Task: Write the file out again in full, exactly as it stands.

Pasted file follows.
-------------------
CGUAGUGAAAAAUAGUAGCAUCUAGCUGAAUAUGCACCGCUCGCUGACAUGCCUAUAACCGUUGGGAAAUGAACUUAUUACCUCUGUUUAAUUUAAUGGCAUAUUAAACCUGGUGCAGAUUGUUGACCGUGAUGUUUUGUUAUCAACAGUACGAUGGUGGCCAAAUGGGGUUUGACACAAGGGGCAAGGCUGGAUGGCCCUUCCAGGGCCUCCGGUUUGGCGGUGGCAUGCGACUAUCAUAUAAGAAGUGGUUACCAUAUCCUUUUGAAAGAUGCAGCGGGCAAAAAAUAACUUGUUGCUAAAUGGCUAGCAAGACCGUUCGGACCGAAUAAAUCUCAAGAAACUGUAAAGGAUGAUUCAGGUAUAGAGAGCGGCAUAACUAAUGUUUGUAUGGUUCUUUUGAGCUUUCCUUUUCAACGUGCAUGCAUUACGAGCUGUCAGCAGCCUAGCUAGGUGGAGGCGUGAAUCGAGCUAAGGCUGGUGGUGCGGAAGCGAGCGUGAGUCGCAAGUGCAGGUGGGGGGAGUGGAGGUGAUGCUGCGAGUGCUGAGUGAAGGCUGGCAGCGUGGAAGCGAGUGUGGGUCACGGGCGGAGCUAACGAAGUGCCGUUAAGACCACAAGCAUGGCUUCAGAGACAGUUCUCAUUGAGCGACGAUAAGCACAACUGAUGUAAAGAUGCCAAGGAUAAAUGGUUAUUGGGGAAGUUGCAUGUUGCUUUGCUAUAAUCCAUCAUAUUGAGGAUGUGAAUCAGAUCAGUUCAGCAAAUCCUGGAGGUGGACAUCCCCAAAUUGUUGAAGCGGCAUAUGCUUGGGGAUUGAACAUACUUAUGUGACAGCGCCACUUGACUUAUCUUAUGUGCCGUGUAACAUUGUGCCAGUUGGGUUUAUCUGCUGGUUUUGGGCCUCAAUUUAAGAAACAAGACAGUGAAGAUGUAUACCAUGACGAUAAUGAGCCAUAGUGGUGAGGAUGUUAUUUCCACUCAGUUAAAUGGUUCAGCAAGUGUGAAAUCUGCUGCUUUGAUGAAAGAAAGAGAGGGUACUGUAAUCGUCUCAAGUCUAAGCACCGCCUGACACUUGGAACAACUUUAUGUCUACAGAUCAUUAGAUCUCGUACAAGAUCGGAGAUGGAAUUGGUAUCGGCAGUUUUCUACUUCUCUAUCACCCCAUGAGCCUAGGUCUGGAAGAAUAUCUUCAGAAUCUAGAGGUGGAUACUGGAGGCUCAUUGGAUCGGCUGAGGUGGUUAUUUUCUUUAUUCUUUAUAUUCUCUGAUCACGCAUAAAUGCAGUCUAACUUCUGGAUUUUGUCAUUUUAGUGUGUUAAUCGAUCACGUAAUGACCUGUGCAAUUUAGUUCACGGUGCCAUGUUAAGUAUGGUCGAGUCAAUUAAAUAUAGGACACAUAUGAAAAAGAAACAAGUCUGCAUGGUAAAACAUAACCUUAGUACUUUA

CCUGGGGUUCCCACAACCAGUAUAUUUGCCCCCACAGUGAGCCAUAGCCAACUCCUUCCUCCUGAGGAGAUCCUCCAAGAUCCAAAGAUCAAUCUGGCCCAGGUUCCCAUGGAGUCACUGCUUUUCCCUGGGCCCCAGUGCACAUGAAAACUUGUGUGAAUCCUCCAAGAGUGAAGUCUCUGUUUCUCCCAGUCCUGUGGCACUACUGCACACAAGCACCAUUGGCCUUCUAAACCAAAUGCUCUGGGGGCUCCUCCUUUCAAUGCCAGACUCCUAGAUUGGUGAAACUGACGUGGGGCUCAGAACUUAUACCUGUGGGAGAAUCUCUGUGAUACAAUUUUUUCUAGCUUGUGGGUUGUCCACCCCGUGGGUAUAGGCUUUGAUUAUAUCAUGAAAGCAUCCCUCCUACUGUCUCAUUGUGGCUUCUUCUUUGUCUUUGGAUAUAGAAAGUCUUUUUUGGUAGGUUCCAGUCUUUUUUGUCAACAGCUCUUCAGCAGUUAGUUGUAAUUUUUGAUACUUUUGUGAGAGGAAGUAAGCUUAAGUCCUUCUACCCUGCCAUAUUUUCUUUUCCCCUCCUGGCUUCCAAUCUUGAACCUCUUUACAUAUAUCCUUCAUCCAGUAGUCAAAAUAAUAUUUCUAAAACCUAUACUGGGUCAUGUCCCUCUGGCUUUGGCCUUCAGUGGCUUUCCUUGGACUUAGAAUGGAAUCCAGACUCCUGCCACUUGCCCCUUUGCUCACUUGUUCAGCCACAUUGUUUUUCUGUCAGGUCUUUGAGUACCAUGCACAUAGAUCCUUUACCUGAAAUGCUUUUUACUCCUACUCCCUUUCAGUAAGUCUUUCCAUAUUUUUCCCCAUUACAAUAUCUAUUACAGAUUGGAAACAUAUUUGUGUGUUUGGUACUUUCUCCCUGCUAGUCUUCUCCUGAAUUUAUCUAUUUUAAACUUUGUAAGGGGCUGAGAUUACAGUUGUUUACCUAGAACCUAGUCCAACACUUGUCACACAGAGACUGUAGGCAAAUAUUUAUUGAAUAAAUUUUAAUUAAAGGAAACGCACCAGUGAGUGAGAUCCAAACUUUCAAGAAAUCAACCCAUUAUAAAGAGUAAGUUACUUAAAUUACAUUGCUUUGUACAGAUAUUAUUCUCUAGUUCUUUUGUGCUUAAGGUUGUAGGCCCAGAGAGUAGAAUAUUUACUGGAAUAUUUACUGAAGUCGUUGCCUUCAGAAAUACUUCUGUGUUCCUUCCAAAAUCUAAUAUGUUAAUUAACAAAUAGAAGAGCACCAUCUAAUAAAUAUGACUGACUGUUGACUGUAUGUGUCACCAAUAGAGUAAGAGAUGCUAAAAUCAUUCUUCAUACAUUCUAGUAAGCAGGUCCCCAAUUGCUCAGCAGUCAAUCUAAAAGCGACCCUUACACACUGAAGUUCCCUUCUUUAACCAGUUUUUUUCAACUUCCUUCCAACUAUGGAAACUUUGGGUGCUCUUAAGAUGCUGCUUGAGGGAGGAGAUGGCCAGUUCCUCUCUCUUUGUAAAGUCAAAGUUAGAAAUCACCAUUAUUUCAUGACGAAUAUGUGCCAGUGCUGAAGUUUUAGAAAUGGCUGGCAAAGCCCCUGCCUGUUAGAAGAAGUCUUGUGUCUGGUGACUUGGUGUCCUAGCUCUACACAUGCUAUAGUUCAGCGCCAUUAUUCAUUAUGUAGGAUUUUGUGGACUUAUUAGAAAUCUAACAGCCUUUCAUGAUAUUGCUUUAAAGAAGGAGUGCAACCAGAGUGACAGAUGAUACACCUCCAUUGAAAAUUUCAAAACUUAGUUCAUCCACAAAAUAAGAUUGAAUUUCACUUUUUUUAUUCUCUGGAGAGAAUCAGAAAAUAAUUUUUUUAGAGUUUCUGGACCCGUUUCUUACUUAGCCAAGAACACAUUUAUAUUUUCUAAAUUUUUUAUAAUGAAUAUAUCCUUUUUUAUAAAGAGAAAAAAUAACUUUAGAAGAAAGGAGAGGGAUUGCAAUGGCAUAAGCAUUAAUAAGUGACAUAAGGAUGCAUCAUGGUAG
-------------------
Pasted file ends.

CGUAGUGAAAAAUAGUAGCAUCUAGCUGAAUAUGCACCGCUCGCUGACAUGCCUAUAACCGUUGGGAAAUGAACUUAUUACCUCUGUUUAAUUUAAUGGCAUAUUAAACCUGGUGCAGAUUGUUGACCGUGAUGUUUUGUUAUCAACAGUACGAUGGUGGCCAAAUGGGGUUUGACACAAGGGGCAAGGCUGGAUGGCCCUUCCAGGGCCUCCGGUUUGGCGGUGGCAUGCGACUAUCAUAUAAGAAGUGGUUACCAUAUCCUUUUGAAAGAUGCAGCGGGCAAAAAAUAACUUGUUGCUAAAUGGCUAGCAAGACCGUUCGGACCGAAUAAAUCUCAAGAAACUGUAAAGGAUGAUUCAGGUAUAGAGAGCGGCAUAACUAAUGUUUGUAUGGUUCUUUUGAGCUUUCCUUUUCAACGUGCAUGCAUUACGAGCUGUCAGCAGCCUAGCUAGGUGGAGGCGUGAAUCGAGCUAAGGCUGGUGGUGCGGAAGCGAGCGUGAGUCGCAAGUGCAGGUGGGGGGAGUGGAGGUGAUGCUGCGAGUGCUGAGUGAAGGCUGGCAGCGUGGAAGCGAGUGUGGGUCACGGGCGGAGCUAACGAAGUGCCGUUAAGACCACAAGCAUGGCUUCAGAGACAGUUCUCAUUGAGCGACGAUAAGCACAACUGAUGUAAAGAUGCCAAGGAUAAAUGGUUAUUGGGGAAGUUGCAUGUUGCUUUGCUAUAAUCCAUCAUAUUGAGGAUGUGAAUCAGAUCAGUUCAGCAAAUCCUGGAGGUGGACAUCCCCAAAUUGUUGAAGCGGCAUAUGCUUGGGGAUUGAACAUACUUAUGUGACAGCGCCACUUGACUUAUCUUAUGUGCCGUGUAACAUUGUGCCAGUUGGGUUUAUCUGCUGGUUUUGGGCCUCAAUUUAAGAAACAAGACAGUGAAGAUGUAUACCAUGACGAUAAUGAGCCAUAGUGGUGAGGAUGUUAUUUCCACUCAGUUAAAUGGUUCAGCAAGUGUGAAAUCUGCUGCUUUGAUGAAAGAAAGAGAGGGUACUGUAAUCGUCUCAAGUCUAAGCACCGCCUGACACUUGGAACAACUUUAUGUCUACAGAUCAUUAGAUCUCGUACAAGAUCGGAGAUGGAAUUGGUAUCGGCAGUUUUCUACUUCUCUAUCACCCCAUGAGCCUAGGUCUGGAAGAAUAUCUUCAGAAUCUAGAGGUGGAUACUGGAGGCUCAUUGGAUCGGCUGAGGUGGUUAUUUUCUUUAUUCUUUAUAUUCUCUGAUCACGCAUAAAUGCAGUCUAACUUCUGGAUUUUGUCAUUUUAGUGUGUUAAUCGAUCACGUAAUGACCUGUGCAAUUUAGUUCACGGUGCCAUGUUAAGUAUGGUCGAGUCAAUUAAAUAUAGGACACAUAUGAAAAAGAAACAAGUCUGCAUGGUAAAACAUAACCUUAGUACUUUA

CCUGGGGUUCCCACAACCAGUAUAUUUGCCCCCACAGUGAGCCAUAGCCAACUCCUUCCUCCUGAGGAGAUCCUCCAAGAUCCAAAGAUCAAUCUGGCCCAGGUUCCCAUGGAGUCACUGCUUUUCCCUGGGCCCCAGUGCACAUGAAAACUUGUGUGAAUCCUCCAAGAGUGAAGUCUCUGUUUCUCCCAGUCCUGUGGCACUACUGCACACAAGCACCAUUGGCCUUCUAAACCAAAUGCUCUGGGGGCUCCUCCUUUCAAUGCCAGACUCCUAGAUUGGUGAAACUGACGUGGGGCUCAGAACUUAUACCUGUGGGAGAAUCUCUGUGAUACAAUUUUUUCUAGCUUGUGGGUUGUCCACCCCGUGGGUAUAGGCUUUGAUUAUAUCAUGAAAGCAUCCCUCCUACUGUCUCAUUGUGGCUUCUUCUUUGUCUUUGGAUAUAGAAAGUCUUUUUUGGUAGGUUCCAGUCUUUUUUGUCAACAGCUCUUCAGCAGUUAGUUGUAAUUUUUGAUACUUUUGUGAGAGGAAGUAAGCUUAAGUCCUUCUACCCUGCCAUAUUUUCUUUUCCCCUCCUGGCUUCCAAUCUUGAACCUCUUUACAUAUAUCCUUCAUCCAGUAGUCAAAAUAAUAUUUCUAAAACCUAUACUGGGUCAUGUCCCUCUGGCUUUGGCCUUCAGUGGCUUUCCUUGGACUUAGAAUGGAAUCCAGACUCCUGCCACUUGCCCCUUUGCUCACUUGUUCAGCCACAUUGUUUUUCUGUCAGGUCUUUGAGUACCAUGCACAUAGAUCCUUUACCUGAAAUGCUUUUUACUCCUACUCCCUUUCAGUAAGUCUUUCCAUAUUUUUCCCCAUUACAAUAUCUAUUACAGAUUGGAAACAUAUUUGUGUGUUUGGUACUUUCUCCCUGCUAGUCUUCUCCUGAAUUUAUCUAUUUUAAACUUUGUAAGGGGCUGAGAUUACAGUUGUUUACCUAGAACCUAGUCCAACACUUGUCACACAGAGACUGUAGGCAAAUAUUUAUUGAAUAAAUUUUAAUUAAAGGAAACGCACCAGUGAGUGAGAUCCAAACUUUCAAGAAAUCAACCCAUUAUAAAGAGUAAGUUACUUAAAUUACAUUGCUUUGUACAGAUAUUAUUCUCUAGUUCUUUUGUGCUUAAGGUUGUAGGCCCAGAGAGUAGAAUAUUUACUGGAAUAUUUACUGAAGUCGUUGCCUUCAGAAAUACUUCUGUGUUCCUUCCAAAAUCUAAUAUGUUAAUUAACAAAUAGAAGAGCACCAUCUAAUAAAUAUGACUGACUGUUGACUGUAUGUGUCACCAAUAGAGUAAGAGAUGCUAAAAUCAUUCUUCAUACAUUCUAGUAAGCAGGUCCCCAAUUGCUCAGCAGUCAAUCUAAAAGCGACCCUUACACACUGAAGUUCCCUUCUUUAACCAGUUUUUUUCAACUUCCUUCCAACUAUGGAAACUUUGGGUGCUCUUAAGAUGCUGCUUGAGGGAGGAGAUGGCCAGUUCCUCUCUCUUUGUAAAGUCAAAGUUAGAAAUCACCAUUAUUUCAUGACGAAUAUGUGCCAGUGCUGAAGUUUUAGAAAUGGCUGGCAAAGCCCCUGCCUGUUAGAAGAAGUCUUGUGUCUGGUGACUUGGUGUCCUAGCUCUACACAUGCUAUAGUUCAGCGCCAUUAUUCAUUAUGUAGGAUUUUGUGGACUUAUUAGAAAUCUAACAGCCUUUCAUGAUAUUGCUUUAAAGAAGGAGUGCAACCAGAGUGACAGAUGAUACACCUCCAUUGAAAAUUUCAAAACUUAGUUCAUCCACAAAAUAAGAUUGAAUUUCACUUUUUUUAUUCUCUGGAGAGAAUCAGAAAAUAAUUUUUUUAGAGUUUCUGGACCCGUUUCUUACUUAGCCAAGAACACAUUUAUAUUUUCUAAAUUUUUUAUAAUGAAUAUAUCCUUUUUUAUAAAGAGAAAAAAUAACUUUAGAAGAAAGGAGAGGGAUUGCAAUGGCAUAAGCAUUAAUAAGUGACAUAAGGAUGCAUCAUGGUAG